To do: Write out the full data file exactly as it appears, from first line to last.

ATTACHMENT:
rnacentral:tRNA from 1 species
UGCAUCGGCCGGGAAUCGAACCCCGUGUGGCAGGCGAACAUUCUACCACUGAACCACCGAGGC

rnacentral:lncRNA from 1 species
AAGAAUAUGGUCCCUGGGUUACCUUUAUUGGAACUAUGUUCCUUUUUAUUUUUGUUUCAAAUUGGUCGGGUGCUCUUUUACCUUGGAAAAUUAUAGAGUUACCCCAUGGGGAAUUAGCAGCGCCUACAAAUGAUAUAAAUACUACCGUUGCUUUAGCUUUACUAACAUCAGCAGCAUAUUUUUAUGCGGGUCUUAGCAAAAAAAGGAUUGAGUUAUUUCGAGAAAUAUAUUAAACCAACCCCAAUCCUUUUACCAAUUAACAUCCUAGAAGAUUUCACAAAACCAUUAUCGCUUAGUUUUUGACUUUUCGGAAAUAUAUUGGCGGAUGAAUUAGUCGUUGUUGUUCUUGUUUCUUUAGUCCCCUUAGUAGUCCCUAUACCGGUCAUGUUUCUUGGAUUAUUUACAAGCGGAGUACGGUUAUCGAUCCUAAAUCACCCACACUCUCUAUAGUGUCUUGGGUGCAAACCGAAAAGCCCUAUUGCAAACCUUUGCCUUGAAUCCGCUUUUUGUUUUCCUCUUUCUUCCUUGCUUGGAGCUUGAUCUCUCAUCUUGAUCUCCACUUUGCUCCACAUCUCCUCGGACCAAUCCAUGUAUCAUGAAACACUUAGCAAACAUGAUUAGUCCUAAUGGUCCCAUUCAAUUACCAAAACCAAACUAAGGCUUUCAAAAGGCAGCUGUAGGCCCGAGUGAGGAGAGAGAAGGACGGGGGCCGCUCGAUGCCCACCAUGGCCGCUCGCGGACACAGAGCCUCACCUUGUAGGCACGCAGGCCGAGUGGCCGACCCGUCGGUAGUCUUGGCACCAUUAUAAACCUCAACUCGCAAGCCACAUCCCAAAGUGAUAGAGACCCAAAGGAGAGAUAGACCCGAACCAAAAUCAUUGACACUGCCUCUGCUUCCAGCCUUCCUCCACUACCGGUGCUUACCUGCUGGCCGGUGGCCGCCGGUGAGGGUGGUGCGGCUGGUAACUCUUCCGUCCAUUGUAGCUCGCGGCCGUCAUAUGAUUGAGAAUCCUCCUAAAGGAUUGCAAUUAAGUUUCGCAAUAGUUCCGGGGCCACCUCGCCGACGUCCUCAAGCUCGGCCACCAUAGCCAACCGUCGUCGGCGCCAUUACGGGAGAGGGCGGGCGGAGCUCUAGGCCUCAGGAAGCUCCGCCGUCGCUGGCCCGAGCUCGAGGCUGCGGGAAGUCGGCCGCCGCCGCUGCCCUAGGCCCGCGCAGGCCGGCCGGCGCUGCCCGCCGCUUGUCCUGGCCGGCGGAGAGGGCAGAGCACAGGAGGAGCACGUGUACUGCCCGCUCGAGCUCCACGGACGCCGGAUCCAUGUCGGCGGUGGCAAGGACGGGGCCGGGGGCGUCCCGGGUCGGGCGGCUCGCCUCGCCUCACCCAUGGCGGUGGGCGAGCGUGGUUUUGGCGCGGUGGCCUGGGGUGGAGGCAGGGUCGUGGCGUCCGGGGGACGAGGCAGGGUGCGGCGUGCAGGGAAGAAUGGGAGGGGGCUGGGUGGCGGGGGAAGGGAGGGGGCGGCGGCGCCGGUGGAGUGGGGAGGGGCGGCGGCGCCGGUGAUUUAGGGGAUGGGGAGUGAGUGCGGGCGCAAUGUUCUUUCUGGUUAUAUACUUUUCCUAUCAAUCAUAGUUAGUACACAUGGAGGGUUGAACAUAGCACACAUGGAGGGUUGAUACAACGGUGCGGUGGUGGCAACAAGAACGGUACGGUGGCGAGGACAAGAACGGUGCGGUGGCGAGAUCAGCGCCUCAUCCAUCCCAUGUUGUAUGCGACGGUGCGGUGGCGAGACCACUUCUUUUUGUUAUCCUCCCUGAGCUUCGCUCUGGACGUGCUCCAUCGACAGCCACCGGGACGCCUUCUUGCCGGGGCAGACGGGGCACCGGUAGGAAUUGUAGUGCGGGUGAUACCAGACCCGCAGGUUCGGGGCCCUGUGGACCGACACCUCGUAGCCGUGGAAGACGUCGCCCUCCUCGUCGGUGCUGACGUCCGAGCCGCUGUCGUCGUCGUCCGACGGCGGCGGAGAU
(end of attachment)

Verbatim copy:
rnacentral:tRNA from 1 species
UGCAUCGGCCGGGAAUCGAACCCCGUGUGGCAGGCGAACAUUCUACCACUGAACCACCGAGGC

rnacentral:lncRNA from 1 species
AAGAAUAUGGUCCCUGGGUUACCUUUAUUGGAACUAUGUUCCUUUUUAUUUUUGUUUCAAAUUGGUCGGGUGCUCUUUUACCUUGGAAAAUUAUAGAGUUACCCCAUGGGGAAUUAGCAGCGCCUACAAAUGAUAUAAAUACUACCGUUGCUUUAGCUUUACUAACAUCAGCAGCAUAUUUUUAUGCGGGUCUUAGCAAAAAAAGGAUUGAGUUAUUUCGAGAAAUAUAUUAAACCAACCCCAAUCCUUUUACCAAUUAACAUCCUAGAAGAUUUCACAAAACCAUUAUCGCUUAGUUUUUGACUUUUCGGAAAUAUAUUGGCGGAUGAAUUAGUCGUUGUUGUUCUUGUUUCUUUAGUCCCCUUAGUAGUCCCUAUACCGGUCAUGUUUCUUGGAUUAUUUACAAGCGGAGUACGGUUAUCGAUCCUAAAUCACCCACACUCUCUAUAGUGUCUUGGGUGCAAACCGAAAAGCCCUAUUGCAAACCUUUGCCUUGAAUCCGCUUUUUGUUUUCCUCUUUCUUCCUUGCUUGGAGCUUGAUCUCUCAUCUUGAUCUCCACUUUGCUCCACAUCUCCUCGGACCAAUCCAUGUAUCAUGAAACACUUAGCAAACAUGAUUAGUCCUAAUGGUCCCAUUCAAUUACCAAAACCAAACUAAGGCUUUCAAAAGGCAGCUGUAGGCCCGAGUGAGGAGAGAGAAGGACGGGGGCCGCUCGAUGCCCACCAUGGCCGCUCGCGGACACAGAGCCUCACCUUGUAGGCACGCAGGCCGAGUGGCCGACCCGUCGGUAGUCUUGGCACCAUUAUAAACCUCAACUCGCAAGCCACAUCCCAAAGUGAUAGAGACCCAAAGGAGAGAUAGACCCGAACCAAAAUCAUUGACACUGCCUCUGCUUCCAGCCUUCCUCCACUACCGGUGCUUACCUGCUGGCCGGUGGCCGCCGGUGAGGGUGGUGCGGCUGGUAACUCUUCCGUCCAUUGUAGCUCGCGGCCGUCAUAUGAUUGAGAAUCCUCCUAAAGGAUUGCAAUUAAGUUUCGCAAUAGUUCCGGGGCCACCUCGCCGACGUCCUCAAGCUCGGCCACCAUAGCCAACCGUCGUCGGCGCCAUUACGGGAGAGGGCGGGCGGAGCUCUAGGCCUCAGGAAGCUCCGCCGUCGCUGGCCCGAGCUCGAGGCUGCGGGAAGUCGGCCGCCGCCGCUGCCCUAGGCCCGCGCAGGCCGGCCGGCGCUGCCCGCCGCUUGUCCUGGCCGGCGGAGAGGGCAGAGCACAGGAGGAGCACGUGUACUGCCCGCUCGAGCUCCACGGACGCCGGAUCCAUGUCGGCGGUGGCAAGGACGGGGCCGGGGGCGUCCCGGGUCGGGCGGCUCGCCUCGCCUCACCCAUGGCGGUGGGCGAGCGUGGUUUUGGCGCGGUGGCCUGGGGUGGAGGCAGGGUCGUGGCGUCCGGGGGACGAGGCAGGGUGCGGCGUGCAGGGAAGAAUGGGAGGGGGCUGGGUGGCGGGGGAAGGGAGGGGGCGGCGGCGCCGGUGGAGUGGGGAGGGGCGGCGGCGCCGGUGAUUUAGGGGAUGGGGAGUGAGUGCGGGCGCAAUGUUCUUUCUGGUUAUAUACUUUUCCUAUCAAUCAUAGUUAGUACACAUGGAGGGUUGAACAUAGCACACAUGGAGGGUUGAUACAACGGUGCGGUGGUGGCAACAAGAACGGUACGGUGGCGAGGACAAGAACGGUGCGGUGGCGAGAUCAGCGCCUCAUCCAUCCCAUGUUGUAUGCGACGGUGCGGUGGCGAGACCACUUCUUUUUGUUAUCCUCCCUGAGCUUCGCUCUGGACGUGCUCCAUCGACAGCCACCGGGACGCCUUCUUGCCGGGGCAGACGGGGCACCGGUAGGAAUUGUAGUGCGGGUGAUACCAGACCCGCAGGUUCGGGGCCCUGUGGACCGACACCUCGUAGCCGUGGAAGACGUCGCCCUCCUCGUCGGUGCUGACGUCCGAGCCGCUGUCGUCGUCGUCCGACGGCGGCGGAGAU